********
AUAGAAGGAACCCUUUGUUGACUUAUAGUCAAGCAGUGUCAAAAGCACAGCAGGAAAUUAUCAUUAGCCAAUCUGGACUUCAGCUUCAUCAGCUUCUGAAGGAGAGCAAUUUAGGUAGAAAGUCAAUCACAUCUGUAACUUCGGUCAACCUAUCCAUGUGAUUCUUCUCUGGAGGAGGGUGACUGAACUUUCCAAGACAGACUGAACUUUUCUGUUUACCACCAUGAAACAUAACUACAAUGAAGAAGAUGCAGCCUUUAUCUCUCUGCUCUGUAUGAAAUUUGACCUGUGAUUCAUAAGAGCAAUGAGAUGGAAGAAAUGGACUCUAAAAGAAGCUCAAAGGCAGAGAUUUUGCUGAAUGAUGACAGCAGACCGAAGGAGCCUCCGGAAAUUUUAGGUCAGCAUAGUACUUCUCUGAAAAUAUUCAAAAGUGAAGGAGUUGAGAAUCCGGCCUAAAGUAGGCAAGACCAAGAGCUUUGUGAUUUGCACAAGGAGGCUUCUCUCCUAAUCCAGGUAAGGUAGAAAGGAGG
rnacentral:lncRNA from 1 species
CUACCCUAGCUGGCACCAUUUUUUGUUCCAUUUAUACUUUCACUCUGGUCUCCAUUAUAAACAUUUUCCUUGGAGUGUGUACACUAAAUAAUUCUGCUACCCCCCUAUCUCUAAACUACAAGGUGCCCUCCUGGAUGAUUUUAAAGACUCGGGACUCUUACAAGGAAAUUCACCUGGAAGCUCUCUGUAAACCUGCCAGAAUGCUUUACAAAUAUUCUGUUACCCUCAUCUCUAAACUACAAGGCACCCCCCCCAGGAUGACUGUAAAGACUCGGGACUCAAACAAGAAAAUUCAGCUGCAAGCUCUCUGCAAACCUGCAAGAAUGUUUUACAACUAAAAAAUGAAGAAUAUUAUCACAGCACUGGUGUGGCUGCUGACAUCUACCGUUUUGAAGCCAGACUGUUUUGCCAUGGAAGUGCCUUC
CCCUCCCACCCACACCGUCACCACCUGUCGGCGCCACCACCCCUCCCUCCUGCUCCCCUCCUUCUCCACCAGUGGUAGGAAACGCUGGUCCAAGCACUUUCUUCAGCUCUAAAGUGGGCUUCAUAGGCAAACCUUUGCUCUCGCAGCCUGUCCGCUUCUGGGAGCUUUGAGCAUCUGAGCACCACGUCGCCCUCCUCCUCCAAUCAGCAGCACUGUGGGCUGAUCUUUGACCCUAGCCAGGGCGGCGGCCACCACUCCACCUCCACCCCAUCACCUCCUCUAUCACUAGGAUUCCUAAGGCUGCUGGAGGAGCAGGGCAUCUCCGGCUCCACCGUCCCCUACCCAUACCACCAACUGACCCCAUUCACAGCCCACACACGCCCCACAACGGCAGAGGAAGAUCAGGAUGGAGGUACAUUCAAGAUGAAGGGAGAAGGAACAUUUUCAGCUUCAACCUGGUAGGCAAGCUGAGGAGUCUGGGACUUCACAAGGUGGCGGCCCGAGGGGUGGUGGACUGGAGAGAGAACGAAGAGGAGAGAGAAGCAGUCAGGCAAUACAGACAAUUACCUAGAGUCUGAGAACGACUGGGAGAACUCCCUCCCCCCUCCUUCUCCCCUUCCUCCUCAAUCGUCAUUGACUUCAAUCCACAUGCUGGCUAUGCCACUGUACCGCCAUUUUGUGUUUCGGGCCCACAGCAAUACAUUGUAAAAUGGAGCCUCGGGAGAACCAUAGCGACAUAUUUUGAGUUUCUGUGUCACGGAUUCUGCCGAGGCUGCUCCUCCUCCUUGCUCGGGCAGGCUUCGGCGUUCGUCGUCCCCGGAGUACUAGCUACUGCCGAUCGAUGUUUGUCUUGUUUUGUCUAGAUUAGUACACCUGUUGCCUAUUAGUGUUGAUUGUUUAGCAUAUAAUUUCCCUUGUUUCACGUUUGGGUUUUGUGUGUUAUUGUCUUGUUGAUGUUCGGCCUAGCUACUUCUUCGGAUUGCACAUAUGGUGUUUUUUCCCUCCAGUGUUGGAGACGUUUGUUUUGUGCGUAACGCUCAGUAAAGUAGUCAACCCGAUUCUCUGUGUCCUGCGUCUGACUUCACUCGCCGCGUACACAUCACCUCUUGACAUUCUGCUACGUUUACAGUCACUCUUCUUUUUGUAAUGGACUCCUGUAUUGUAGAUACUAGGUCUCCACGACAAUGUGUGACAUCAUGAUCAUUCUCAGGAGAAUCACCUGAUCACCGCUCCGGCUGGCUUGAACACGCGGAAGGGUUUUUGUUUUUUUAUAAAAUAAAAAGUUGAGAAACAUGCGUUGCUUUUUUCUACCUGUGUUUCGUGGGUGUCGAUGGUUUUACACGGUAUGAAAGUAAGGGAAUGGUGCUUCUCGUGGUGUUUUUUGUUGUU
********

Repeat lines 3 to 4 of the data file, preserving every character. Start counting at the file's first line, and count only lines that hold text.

CUACCCUAGCUGGCACCAUUUUUUGUUCCAUUUAUACUUUCACUCUGGUCUCCAUUAUAAACAUUUUCCUUGGAGUGUGUACACUAAAUAAUUCUGCUACCCCCCUAUCUCUAAACUACAAGGUGCCCUCCUGGAUGAUUUUAAAGACUCGGGACUCUUACAAGGAAAUUCACCUGGAAGCUCUCUGUAAACCUGCCAGAAUGCUUUACAAAUAUUCUGUUACCCUCAUCUCUAAACUACAAGGCACCCCCCCCAGGAUGACUGUAAAGACUCGGGACUCAAACAAGAAAAUUCAGCUGCAAGCUCUCUGCAAACCUGCAAGAAUGUUUUACAACUAAAAAAUGAAGAAUAUUAUCACAGCACUGGUGUGGCUGCUGACAUCUACCGUUUUGAAGCCAGACUGUUUUGCCAUGGAAGUGCCUUC
CCCUCCCACCCACACCGUCACCACCUGUCGGCGCCACCACCCCUCCCUCCUGCUCCCCUCCUUCUCCACCAGUGGUAGGAAACGCUGGUCCAAGCACUUUCUUCAGCUCUAAAGUGGGCUUCAUAGGCAAACCUUUGCUCUCGCAGCCUGUCCGCUUCUGGGAGCUUUGAGCAUCUGAGCACCACGUCGCCCUCCUCCUCCAAUCAGCAGCACUGUGGGCUGAUCUUUGACCCUAGCCAGGGCGGCGGCCACCACUCCACCUCCACCCCAUCACCUCCUCUAUCACUAGGAUUCCUAAGGCUGCUGGAGGAGCAGGGCAUCUCCGGCUCCACCGUCCCCUACCCAUACCACCAACUGACCCCAUUCACAGCCCACACACGCCCCACAACGGCAGAGGAAGAUCAGGAUGGAGGUACAUUCAAGAUGAAGGGAGAAGGAACAUUUUCAGCUUCAACCUGGUAGGCAAGCUGAGGAGUCUGGGACUUCACAAGGUGGCGGCCCGAGGGGUGGUGGACUGGAGAGAGAACGAAGAGGAGAGAGAAGCAGUCAGGCAAUACAGACAAUUACCUAGAGUCUGAGAACGACUGGGAGAACUCCCUCCCCCCUCCUUCUCCCCUUCCUCCUCAAUCGUCAUUGACUUCAAUCCACAUGCUGGCUAUGCCACUGUACCGCCAUUUUGUGUUUCGGGCCCACAGCAAUACAUUGUAAAAUGGAGCCUCGGGAGAACCAUAGCGACAUAUUUUGAGUUUCUGUGUCACGGAUUCUGCCGAGGCUGCUCCUCCUCCUUGCUCGGGCAGGCUUCGGCGUUCGUCGUCCCCGGAGUACUAGCUACUGCCGAUCGAUGUUUGUCUUGUUUUGUCUAGAUUAGUACACCUGUUGCCUAUUAGUGUUGAUUGUUUAGCAUAUAAUUUCCCUUGUUUCACGUUUGGGUUUUGUGUGUUAUUGUCUUGUUGAUGUUCGGCCUAGCUACUUCUUCGGAUUGCACAUAUGGUGUUUUUUCCCUCCAGUGUUGGAGACGUUUGUUUUGUGCGUAACGCUCAGUAAAGUAGUCAACCCGAUUCUCUGUGUCCUGCGUCUGACUUCACUCGCCGCGUACACAUCACCUCUUGACAUUCUGCUACGUUUACAGUCACUCUUCUUUUUGUAAUGGACUCCUGUAUUGUAGAUACUAGGUCUCCACGACAAUGUGUGACAUCAUGAUCAUUCUCAGGAGAAUCACCUGAUCACCGCUCCGGCUGGCUUGAACACGCGGAAGGGUUUUUGUUUUUUUAUAAAAUAAAAAGUUGAGAAACAUGCGUUGCUUUUUUCUACCUGUGUUUCGUGGGUGUCGAUGGUUUUACACGGUAUGAAAGUAAGGGAAUGGUGCUUCUCGUGGUGUUUUUUGUUGUU